I’d completely forgotten I’d bought this until a recent browse through Nindie Spotlight caused me to stumble back upon it. I’ve spent a fair while with it tonight and… yeah, it’s alright.
If you’ve played the already immensely successful Vampire Survivors then you’ll already have a good idea of what you’re getting into with Void Scrappers. If not, it’s as good a starting place for this type of game as any, really. Stuff and things are all present and correct, you know?
If you’re new to this sort of thing, the currently rather popular genre is kind of a more approachable play on the arcade arena shooter. They’re dead easy to get started with because for the bulk of the game, you’re only really required to move the ship/hero/whatever around. Firing is taken care of so just tootle around the rather generously sized arena avoiding the enemies, ensuring you get close enough often enough to take them out without running headfirst into them.
The initial moments tend to be gentle and sparse so there’s plenty of time to get used to things. When you knock out an enemy there’s a chance they’ll leave behind some scrap to collect, collecting the scrap fills a bar up. When the bar is full, the game gives you the option to choose one of three power ups. Pick one, power up, try and fill the next bar to do it over again. That, largely, is it. Like I say, it’s pretty approachable stuff.
Of course, there’s wrinkles. Void Scrappers is an especially gentle take on the genre for the most part so the difficulty ramps up quite slowly and games can take quite a fair chunk of time to work through as a result. This is where we come to the two tricks synonymous with the genre! As time goes on, the amount of enemies on the map increases. Yeah, the increase is at a fairly leisurely pace but still, there will be a lot of enemies on screen as a game progresses. Huge amounts of the things.
Now, whereas a more traditional arcade game would be content to let the player wing it as best they can (think how brutal something like Geometry Wars gets as the arena crowds), the other trick the genre has up its sleeve is to let the player build up a ridiculously overpowered arsenal of weapons. To excess.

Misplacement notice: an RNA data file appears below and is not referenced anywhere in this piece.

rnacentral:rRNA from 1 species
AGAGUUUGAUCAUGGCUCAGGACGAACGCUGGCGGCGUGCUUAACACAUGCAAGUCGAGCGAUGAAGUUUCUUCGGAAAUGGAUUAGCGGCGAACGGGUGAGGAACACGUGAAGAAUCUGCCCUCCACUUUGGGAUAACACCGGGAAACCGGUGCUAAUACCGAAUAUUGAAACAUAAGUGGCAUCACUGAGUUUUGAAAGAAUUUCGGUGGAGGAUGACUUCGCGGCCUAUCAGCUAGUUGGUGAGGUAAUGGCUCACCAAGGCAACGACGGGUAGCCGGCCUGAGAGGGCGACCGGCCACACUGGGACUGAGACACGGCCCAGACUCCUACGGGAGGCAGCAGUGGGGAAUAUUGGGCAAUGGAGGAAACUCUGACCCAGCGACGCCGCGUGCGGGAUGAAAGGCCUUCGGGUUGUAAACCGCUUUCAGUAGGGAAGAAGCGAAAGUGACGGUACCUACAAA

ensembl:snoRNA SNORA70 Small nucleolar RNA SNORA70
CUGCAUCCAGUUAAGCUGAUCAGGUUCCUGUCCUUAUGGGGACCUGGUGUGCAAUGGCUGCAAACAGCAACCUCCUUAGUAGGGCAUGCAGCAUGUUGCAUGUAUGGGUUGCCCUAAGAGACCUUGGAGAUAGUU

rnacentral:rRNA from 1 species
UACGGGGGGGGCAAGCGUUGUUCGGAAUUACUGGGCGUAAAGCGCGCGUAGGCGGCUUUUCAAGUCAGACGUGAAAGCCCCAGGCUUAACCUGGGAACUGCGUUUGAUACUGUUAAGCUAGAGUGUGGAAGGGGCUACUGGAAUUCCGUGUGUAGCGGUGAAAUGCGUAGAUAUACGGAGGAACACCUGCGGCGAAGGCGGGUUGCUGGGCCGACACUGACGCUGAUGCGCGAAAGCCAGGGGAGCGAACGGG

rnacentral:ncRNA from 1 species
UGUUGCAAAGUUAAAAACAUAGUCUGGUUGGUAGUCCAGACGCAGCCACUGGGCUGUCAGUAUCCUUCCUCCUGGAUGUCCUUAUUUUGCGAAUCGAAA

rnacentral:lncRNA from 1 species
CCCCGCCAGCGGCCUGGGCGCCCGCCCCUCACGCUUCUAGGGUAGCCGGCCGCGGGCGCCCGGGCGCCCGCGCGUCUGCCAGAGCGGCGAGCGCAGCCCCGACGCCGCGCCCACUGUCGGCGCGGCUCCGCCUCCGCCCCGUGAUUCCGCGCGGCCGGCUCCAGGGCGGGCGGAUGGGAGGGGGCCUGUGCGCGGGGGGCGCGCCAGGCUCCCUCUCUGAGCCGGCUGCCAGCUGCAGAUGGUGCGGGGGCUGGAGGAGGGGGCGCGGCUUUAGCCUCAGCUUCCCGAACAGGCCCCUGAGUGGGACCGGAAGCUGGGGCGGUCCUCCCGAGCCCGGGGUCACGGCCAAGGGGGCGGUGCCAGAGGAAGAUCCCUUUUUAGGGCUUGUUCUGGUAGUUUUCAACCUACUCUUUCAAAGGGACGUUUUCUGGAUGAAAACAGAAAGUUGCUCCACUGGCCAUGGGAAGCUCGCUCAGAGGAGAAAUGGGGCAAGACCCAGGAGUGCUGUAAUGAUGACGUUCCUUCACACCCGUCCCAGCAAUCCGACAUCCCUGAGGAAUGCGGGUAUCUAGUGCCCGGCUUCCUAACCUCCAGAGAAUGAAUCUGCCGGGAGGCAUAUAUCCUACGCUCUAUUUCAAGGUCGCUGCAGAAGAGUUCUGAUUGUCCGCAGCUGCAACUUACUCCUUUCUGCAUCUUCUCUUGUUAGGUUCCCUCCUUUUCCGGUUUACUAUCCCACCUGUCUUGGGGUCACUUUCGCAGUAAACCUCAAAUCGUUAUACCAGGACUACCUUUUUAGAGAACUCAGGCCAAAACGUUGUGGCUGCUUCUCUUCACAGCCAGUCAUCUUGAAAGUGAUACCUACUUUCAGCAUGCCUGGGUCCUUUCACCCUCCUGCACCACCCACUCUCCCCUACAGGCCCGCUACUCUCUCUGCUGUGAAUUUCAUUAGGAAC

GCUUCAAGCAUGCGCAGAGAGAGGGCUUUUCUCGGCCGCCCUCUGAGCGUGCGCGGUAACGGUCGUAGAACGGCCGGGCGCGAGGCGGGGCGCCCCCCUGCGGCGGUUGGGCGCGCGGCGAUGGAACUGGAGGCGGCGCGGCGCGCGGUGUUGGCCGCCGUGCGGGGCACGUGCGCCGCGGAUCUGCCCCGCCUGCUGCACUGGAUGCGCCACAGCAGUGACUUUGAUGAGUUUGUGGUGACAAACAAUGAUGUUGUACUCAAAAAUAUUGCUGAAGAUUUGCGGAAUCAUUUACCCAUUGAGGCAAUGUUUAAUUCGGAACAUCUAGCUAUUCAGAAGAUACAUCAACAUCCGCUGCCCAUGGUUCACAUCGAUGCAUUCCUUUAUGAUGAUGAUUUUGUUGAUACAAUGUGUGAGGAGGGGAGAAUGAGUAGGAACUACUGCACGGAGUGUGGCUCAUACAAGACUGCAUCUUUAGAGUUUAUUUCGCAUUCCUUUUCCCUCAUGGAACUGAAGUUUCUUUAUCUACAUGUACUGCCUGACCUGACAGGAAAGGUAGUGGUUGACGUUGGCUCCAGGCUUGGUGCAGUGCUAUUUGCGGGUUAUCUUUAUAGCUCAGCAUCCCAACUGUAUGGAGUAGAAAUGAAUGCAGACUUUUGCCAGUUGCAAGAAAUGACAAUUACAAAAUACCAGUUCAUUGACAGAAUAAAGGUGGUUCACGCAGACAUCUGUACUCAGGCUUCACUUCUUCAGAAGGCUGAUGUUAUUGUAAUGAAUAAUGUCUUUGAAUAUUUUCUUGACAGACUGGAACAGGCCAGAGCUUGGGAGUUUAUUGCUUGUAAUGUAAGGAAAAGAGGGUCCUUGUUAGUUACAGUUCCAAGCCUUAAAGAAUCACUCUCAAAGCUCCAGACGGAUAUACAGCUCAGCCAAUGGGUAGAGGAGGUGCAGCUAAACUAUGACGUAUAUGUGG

It’s not a genre enamoured with keeping the player on the backfoot, the player rapidly becoming a whirling bringer of particle death is the whole point. For me, that’s the part that makes the genre vastly more approachable than most other arcade arena shooter games, they’re beyond generous in what they let the player become, they’re a spectacle too and -importantly- not in a rush to kill the player off. They’re chill. Ish.
The genre thrives on the tension between the player being an absurdly loaded killing machine with weapons, explosions, whatever going off all over the shop and the sheer amount of baddies that assault them as time goes on. The choice of 3 power ups when the bar fills up means there’s a neat element of randomness to exactly what arsenal the player carries each play, how fast, how frequent and how deadly each individual weapon is.
Personally, I’m always going to prefer my arena shooters a bit more on the immediate side but I have to admit, the setup makes for a rather lovely portable game experience. I can certainly see why Vampire Survivors has found its success alongside the Steam Deck, let’s put it that way. Sure enough, I lost a good few hours to a couple of rounds of Void Scrappers (yep, each go does take a chunk of time) and it’s a fine space-y example of the genre.
The problem, for me at least, is always going to be that the dopamine hit from a spreadsheet design of these things depresses me more than it excites me. I’ve never been convinced that compulsion is one of the primary goals of game design, a game that keeps you playing isn’t admirable! It’s kinda offensive to want to entrap players!
As the past decade or so has seen this sort of design (through the poorly named “roguelike” moniker and through live service games taking MMO design to its extreme) bleed into an enormous amount of games, I’ve found myself retreating more and more into games that don’t pull this crap on me. Fortunately these are bountiful times and finding games that avoid this nonsense isn’t the heavingly great task it could be.
I won’t pretend I don’t get a bit sad when I stumble into a game I would probably love were it made a decade and a bit ago before the fixation on this stuff took hold, I also won’t pretend I don’t have a handful I do return to every now and then (hello Destiny 2), as ever this stuff is messy and so am I.
But still. I want to find my zone in a game, not have the game try to own my time. Your mileage may vary, natch.